I was recently watching Wall Street: Money Never Sleeps, the sequel to the Oscar-winning 1987 financial cautionary tale. In the middle of a movie that had nothing to do with science, the lead character started explaining the financial investment potential of a national research facility loosely based on the ultra-exclusive National Ignition Facility in Livermore, CA (which ScriptPhD.com was fortunate to visit and profile recently). The film did such an impressive job of explaining the laser technology being used in real life to harness endless quantities of energy from a molecular fusion reaction that it could have easily been lifted from a physics textbook. Translating, explaining and visually presenting complex science on film is not an easy task. It got us to thinking about some of the greatest science and technology moments of all time in film.
In no particular order, with the help of our readers and fans, here are ScriptPhD.com’s choices for the Top 10 gamechangers of science and/or technology cinematic content that was either revolutionary for its time, was smartly conceived and cinematically executed, or has bared relevance to later research advances. Continue reading Top 10 Science and Technology Game Changers in Film→
How many times have you said to yourself, “If only I didn’t have to sleep.” Or “If only I tap into my brain’s full neuronal capacity, imagine the things I could do?” Such neurocognitive superpowers would seem to be the stuff of science fiction…for now. In the new film “Limitless,” these wishes unexpectedly come true for a struggling writer, but the results—and unexpected side effects—cause him to wonder whether it was all worth it. Sleek, stylish, sexy and well-crafted, “Limitless” is part scientific inquiry into the limits of expanding the pharmacopeia beyond current human capacities and part thriller to see if the main character who dares to try will get away with it. ScriptPhD.com’s full review of Limitless under the “continue reading” cut. Continue reading REVIEW: Limitless→
Imagine the end-of-the-world, fiery destruction of Armageddon and Deep Impact. Now ratchet up the action with the artillery of Saving Private Ryan and the greatest war movies you’ve ever seen. Add in a dash of sci-fi with highly evolved aliensa hybrid of the metalloid Cylons of Battlestar Galactica and a gooier version of the extra-terrestrial from Alien. Top it off with some of the best computer generated imagery (CGI) of any recent film, and you have Battle: Los Angeles, Sony’s much-anticipated spring blockbuster that first caught our attention this summer at San Diego Comic-Con. ScriptPhD.com was fortunate to get a sneak peek this week in Los Angeles. Click “continue reading” for our complete review of Battle: Los Angeles. Continue reading REVIEW: Battle: Los Angeles→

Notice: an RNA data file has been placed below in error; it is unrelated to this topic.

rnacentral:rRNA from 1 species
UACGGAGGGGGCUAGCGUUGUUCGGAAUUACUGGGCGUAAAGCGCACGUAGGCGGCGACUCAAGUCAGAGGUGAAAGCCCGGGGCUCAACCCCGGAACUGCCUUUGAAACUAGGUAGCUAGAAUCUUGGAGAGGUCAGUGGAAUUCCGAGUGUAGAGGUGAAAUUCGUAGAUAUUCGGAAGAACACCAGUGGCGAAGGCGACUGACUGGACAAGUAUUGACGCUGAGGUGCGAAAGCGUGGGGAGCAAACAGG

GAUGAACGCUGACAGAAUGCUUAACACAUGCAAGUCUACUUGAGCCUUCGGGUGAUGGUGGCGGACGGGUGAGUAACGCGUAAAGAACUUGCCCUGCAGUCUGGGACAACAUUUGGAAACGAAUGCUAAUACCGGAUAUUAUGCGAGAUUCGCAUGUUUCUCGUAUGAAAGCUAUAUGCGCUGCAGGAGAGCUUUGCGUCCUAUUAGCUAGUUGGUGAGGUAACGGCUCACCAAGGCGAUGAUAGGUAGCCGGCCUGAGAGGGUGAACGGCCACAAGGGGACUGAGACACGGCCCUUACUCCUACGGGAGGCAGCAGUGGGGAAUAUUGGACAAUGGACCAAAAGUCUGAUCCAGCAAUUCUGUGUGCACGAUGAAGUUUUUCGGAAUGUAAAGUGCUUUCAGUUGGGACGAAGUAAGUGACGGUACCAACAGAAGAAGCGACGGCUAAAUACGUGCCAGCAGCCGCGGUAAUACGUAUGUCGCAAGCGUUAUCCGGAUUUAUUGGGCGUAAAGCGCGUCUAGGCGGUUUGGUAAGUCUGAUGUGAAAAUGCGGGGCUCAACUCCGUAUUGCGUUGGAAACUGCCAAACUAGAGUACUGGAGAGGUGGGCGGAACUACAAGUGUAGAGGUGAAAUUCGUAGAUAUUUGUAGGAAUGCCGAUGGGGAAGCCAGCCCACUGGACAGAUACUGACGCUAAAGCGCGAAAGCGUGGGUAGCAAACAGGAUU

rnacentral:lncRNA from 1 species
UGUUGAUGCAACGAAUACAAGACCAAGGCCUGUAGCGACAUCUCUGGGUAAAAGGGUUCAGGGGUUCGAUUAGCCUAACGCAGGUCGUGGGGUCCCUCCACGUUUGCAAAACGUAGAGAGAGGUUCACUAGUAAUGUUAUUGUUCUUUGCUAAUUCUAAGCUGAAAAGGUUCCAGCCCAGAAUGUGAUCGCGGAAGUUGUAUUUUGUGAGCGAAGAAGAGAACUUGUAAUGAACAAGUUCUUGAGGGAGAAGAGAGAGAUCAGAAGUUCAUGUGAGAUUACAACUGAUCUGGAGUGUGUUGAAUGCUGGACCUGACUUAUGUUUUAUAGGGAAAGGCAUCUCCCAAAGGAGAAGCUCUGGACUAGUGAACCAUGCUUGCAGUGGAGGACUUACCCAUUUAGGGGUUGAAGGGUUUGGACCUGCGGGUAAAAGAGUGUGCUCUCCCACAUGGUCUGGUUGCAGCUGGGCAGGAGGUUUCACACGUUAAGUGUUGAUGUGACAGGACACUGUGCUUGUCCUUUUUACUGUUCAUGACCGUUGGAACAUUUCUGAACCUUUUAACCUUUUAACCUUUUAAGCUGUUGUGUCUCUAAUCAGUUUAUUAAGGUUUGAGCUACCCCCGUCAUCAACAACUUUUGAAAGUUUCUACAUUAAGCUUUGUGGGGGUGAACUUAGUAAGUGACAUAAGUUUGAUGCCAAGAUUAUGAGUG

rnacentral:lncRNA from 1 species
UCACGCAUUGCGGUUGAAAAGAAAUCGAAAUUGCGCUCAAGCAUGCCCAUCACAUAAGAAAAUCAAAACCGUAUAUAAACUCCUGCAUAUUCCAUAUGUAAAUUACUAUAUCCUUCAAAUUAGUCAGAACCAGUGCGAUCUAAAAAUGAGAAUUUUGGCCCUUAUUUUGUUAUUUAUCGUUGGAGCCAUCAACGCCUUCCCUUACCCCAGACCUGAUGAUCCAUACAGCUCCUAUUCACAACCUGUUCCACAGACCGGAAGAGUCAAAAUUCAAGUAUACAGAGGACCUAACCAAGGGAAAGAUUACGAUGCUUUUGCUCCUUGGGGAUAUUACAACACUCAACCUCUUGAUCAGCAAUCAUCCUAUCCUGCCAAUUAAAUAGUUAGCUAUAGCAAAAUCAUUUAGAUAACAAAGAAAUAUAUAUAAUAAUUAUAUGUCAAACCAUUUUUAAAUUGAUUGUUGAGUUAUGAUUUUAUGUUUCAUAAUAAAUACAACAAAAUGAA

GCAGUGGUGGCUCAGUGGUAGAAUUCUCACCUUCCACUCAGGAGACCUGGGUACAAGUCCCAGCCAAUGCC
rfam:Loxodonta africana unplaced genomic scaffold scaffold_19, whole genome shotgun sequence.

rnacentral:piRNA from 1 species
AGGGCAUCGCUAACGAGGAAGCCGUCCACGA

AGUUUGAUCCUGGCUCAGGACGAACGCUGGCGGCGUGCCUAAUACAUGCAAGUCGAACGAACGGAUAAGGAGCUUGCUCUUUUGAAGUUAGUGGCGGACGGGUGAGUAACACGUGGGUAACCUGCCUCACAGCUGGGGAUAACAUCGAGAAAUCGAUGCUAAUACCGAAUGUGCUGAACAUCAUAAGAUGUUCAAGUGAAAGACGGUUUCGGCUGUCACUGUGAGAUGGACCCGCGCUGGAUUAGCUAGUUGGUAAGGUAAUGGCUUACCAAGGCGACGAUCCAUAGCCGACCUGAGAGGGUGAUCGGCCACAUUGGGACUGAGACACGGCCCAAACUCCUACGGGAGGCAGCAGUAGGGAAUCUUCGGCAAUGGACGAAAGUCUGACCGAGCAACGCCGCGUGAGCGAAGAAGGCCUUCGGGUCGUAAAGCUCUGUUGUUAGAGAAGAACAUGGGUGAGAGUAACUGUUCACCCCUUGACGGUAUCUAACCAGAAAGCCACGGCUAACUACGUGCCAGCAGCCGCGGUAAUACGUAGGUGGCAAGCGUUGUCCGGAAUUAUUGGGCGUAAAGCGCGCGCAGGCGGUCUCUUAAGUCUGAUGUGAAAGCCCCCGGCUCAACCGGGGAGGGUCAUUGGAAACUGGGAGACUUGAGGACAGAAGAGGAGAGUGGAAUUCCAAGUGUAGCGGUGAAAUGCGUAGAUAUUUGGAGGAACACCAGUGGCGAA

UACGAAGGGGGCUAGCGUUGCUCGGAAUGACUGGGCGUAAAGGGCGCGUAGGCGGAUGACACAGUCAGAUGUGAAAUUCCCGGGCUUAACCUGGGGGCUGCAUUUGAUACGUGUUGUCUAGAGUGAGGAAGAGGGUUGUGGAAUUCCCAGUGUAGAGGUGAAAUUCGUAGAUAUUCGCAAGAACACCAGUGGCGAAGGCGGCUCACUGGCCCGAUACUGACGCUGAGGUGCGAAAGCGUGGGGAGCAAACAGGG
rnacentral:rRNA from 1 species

It has been 28 years since the release of the enormously groundbreaking science-fiction adventure Tron, the story of Kevin Flynn, a video game programmer that gets sucked into the virtual grid of the very game he created. As Flynn’s son, now cyber-reunited with his father, points out, decades of technology have bestowed us with cell phones, wi-fi, the internet, and even virtual dating. But one immutable fact stands the test of time—great sci-fi is great sci-fi. Without upstaging the original, TRON: Legacy manages a sleek, stylish, clever sequel utterly germane to the times we live in. ScriptPhD.com got treated to a preview screening in Hollywood this week. Our full review under the “continue reading” cut. Continue reading REVIEW: TRON: Legacy→
Fewer topics in contemporary science and technology policy have generated as much controversy or vociferous debate as global warming (more recently branded as climate change) and more importantly, how to mitigate its effects. Recent international treaties such as The Kyoto Protocol and conferences such as last December’s United Nations Climate Change Conference in Copenhagen have largely paid lip service towards actionable change and technology aimed at eradicating the precursors and causes of global warming. In the middle of this stalemate is an increasingly hostile rhetoric that has bifurcated into two divergent, unyielding camps—either you believe climate change and greenhouse emissions are a fraud, period, or you believe the problem is so imminently dire that surely, the end of the world is nigh. This dichotomy was no more apparent than during last year’s ”Climategate” controversy, in which hacked emails leaked from the University of East Anglia’s Climatic Research Unit in England were interpreted, depending on which report you read, as scientific fraud and tampering or reinforcement for climate science. Perhaps it is time, as the eponymous title of our latest Editor’s Choice suggests, for us all to Cool It. An environmental film about 21st Century problems, and the modern solutions they necessitate, Cool It presents an unapologetic, practical approach towards global warming and the problems that eclipse it. It’s time we all listened. ScriptPhD.com continues our ongoing “It’s Not Easy Being Green” series with a review of this thought-provoking, conversation-starting film. After seeing a recent screening in Los Angeles, we are proud to give Cool It our blog’s rare highest honor—Editor’s Choice. Join the conversation now under the “continue reading” cut. Continue reading EDITOR’S CHOICE: It’s Not Easy Being Green: Cool It!→